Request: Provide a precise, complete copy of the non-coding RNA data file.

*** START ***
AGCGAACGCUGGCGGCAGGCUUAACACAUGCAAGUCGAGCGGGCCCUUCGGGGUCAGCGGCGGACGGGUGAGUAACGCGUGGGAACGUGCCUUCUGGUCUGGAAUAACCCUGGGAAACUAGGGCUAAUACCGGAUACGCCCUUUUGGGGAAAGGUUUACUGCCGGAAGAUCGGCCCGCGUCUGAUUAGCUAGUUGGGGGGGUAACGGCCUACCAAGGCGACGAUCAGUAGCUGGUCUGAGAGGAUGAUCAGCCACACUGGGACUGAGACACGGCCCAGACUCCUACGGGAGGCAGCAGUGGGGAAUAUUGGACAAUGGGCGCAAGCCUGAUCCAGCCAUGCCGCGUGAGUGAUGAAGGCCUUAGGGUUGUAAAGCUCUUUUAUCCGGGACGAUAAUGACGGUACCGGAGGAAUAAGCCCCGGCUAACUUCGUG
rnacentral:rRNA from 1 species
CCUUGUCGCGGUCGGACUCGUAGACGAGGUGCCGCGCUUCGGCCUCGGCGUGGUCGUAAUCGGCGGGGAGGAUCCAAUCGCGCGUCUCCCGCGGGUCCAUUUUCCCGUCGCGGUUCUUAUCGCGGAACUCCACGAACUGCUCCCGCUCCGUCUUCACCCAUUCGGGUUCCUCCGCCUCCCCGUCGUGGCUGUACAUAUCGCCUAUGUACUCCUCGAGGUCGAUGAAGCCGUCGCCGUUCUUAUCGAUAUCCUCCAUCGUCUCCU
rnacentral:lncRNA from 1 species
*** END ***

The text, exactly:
AGCGAACGCUGGCGGCAGGCUUAACACAUGCAAGUCGAGCGGGCCCUUCGGGGUCAGCGGCGGACGGGUGAGUAACGCGUGGGAACGUGCCUUCUGGUCUGGAAUAACCCUGGGAAACUAGGGCUAAUACCGGAUACGCCCUUUUGGGGAAAGGUUUACUGCCGGAAGAUCGGCCCGCGUCUGAUUAGCUAGUUGGGGGGGUAACGGCCUACCAAGGCGACGAUCAGUAGCUGGUCUGAGAGGAUGAUCAGCCACACUGGGACUGAGACACGGCCCAGACUCCUACGGGAGGCAGCAGUGGGGAAUAUUGGACAAUGGGCGCAAGCCUGAUCCAGCCAUGCCGCGUGAGUGAUGAAGGCCUUAGGGUUGUAAAGCUCUUUUAUCCGGGACGAUAAUGACGGUACCGGAGGAAUAAGCCCCGGCUAACUUCGUG
rnacentral:rRNA from 1 species
CCUUGUCGCGGUCGGACUCGUAGACGAGGUGCCGCGCUUCGGCCUCGGCGUGGUCGUAAUCGGCGGGGAGGAUCCAAUCGCGCGUCUCCCGCGGGUCCAUUUUCCCGUCGCGGUUCUUAUCGCGGAACUCCACGAACUGCUCCCGCUCCGUCUUCACCCAUUCGGGUUCCUCCGCCUCCCCGUCGUGGCUGUACAUAUCGCCUAUGUACUCCUCGAGGUCGAUGAAGCCGUCGCCGUUCUUAUCGAUAUCCUCCAUCGUCUCCU
rnacentral:lncRNA from 1 species